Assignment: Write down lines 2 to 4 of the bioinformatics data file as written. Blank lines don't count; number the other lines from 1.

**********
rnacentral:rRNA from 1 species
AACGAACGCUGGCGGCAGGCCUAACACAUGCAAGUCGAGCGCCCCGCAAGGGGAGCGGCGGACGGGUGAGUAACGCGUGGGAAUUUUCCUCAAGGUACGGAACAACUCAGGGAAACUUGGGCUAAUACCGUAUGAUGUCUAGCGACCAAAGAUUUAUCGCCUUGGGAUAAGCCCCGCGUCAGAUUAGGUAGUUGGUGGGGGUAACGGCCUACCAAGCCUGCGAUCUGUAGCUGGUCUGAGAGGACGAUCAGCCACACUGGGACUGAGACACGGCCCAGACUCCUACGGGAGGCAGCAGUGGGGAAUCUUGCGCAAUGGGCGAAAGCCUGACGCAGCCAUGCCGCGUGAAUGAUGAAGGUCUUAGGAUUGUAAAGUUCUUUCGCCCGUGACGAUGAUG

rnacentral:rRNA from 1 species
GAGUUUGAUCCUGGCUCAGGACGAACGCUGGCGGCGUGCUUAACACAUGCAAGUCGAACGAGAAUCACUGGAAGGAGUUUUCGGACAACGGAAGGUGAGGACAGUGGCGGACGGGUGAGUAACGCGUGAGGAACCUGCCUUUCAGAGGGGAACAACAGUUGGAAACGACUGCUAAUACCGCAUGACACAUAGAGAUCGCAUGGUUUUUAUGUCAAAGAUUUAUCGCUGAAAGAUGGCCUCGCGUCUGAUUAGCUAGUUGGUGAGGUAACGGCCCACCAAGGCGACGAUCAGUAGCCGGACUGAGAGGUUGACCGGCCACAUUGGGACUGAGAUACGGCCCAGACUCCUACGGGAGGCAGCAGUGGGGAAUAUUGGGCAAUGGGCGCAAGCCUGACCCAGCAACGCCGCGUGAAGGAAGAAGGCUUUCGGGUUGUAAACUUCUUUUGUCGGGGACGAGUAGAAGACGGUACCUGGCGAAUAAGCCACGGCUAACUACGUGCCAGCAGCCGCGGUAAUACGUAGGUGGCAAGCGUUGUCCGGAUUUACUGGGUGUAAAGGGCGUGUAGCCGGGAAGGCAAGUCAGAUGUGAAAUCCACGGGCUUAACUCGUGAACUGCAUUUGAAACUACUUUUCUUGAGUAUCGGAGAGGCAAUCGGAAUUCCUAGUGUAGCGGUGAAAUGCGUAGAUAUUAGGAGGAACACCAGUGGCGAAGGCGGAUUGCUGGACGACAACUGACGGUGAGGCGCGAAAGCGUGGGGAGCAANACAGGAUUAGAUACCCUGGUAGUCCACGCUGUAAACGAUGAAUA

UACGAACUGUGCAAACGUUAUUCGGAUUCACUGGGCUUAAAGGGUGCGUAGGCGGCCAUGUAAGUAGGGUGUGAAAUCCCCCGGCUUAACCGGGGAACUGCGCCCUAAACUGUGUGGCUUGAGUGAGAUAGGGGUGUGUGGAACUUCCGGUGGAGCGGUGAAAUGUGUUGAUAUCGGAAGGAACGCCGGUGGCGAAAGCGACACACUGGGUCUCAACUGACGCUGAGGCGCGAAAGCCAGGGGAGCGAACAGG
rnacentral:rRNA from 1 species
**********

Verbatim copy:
AACGAACGCUGGCGGCAGGCCUAACACAUGCAAGUCGAGCGCCCCGCAAGGGGAGCGGCGGACGGGUGAGUAACGCGUGGGAAUUUUCCUCAAGGUACGGAACAACUCAGGGAAACUUGGGCUAAUACCGUAUGAUGUCUAGCGACCAAAGAUUUAUCGCCUUGGGAUAAGCCCCGCGUCAGAUUAGGUAGUUGGUGGGGGUAACGGCCUACCAAGCCUGCGAUCUGUAGCUGGUCUGAGAGGACGAUCAGCCACACUGGGACUGAGACACGGCCCAGACUCCUACGGGAGGCAGCAGUGGGGAAUCUUGCGCAAUGGGCGAAAGCCUGACGCAGCCAUGCCGCGUGAAUGAUGAAGGUCUUAGGAUUGUAAAGUUCUUUCGCCCGUGACGAUGAUG

rnacentral:rRNA from 1 species
GAGUUUGAUCCUGGCUCAGGACGAACGCUGGCGGCGUGCUUAACACAUGCAAGUCGAACGAGAAUCACUGGAAGGAGUUUUCGGACAACGGAAGGUGAGGACAGUGGCGGACGGGUGAGUAACGCGUGAGGAACCUGCCUUUCAGAGGGGAACAACAGUUGGAAACGACUGCUAAUACCGCAUGACACAUAGAGAUCGCAUGGUUUUUAUGUCAAAGAUUUAUCGCUGAAAGAUGGCCUCGCGUCUGAUUAGCUAGUUGGUGAGGUAACGGCCCACCAAGGCGACGAUCAGUAGCCGGACUGAGAGGUUGACCGGCCACAUUGGGACUGAGAUACGGCCCAGACUCCUACGGGAGGCAGCAGUGGGGAAUAUUGGGCAAUGGGCGCAAGCCUGACCCAGCAACGCCGCGUGAAGGAAGAAGGCUUUCGGGUUGUAAACUUCUUUUGUCGGGGACGAGUAGAAGACGGUACCUGGCGAAUAAGCCACGGCUAACUACGUGCCAGCAGCCGCGGUAAUACGUAGGUGGCAAGCGUUGUCCGGAUUUACUGGGUGUAAAGGGCGUGUAGCCGGGAAGGCAAGUCAGAUGUGAAAUCCACGGGCUUAACUCGUGAACUGCAUUUGAAACUACUUUUCUUGAGUAUCGGAGAGGCAAUCGGAAUUCCUAGUGUAGCGGUGAAAUGCGUAGAUAUUAGGAGGAACACCAGUGGCGAAGGCGGAUUGCUGGACGACAACUGACGGUGAGGCGCGAAAGCGUGGGGAGCAANACAGGAUUAGAUACCCUGGUAGUCCACGCUGUAAACGAUGAAUA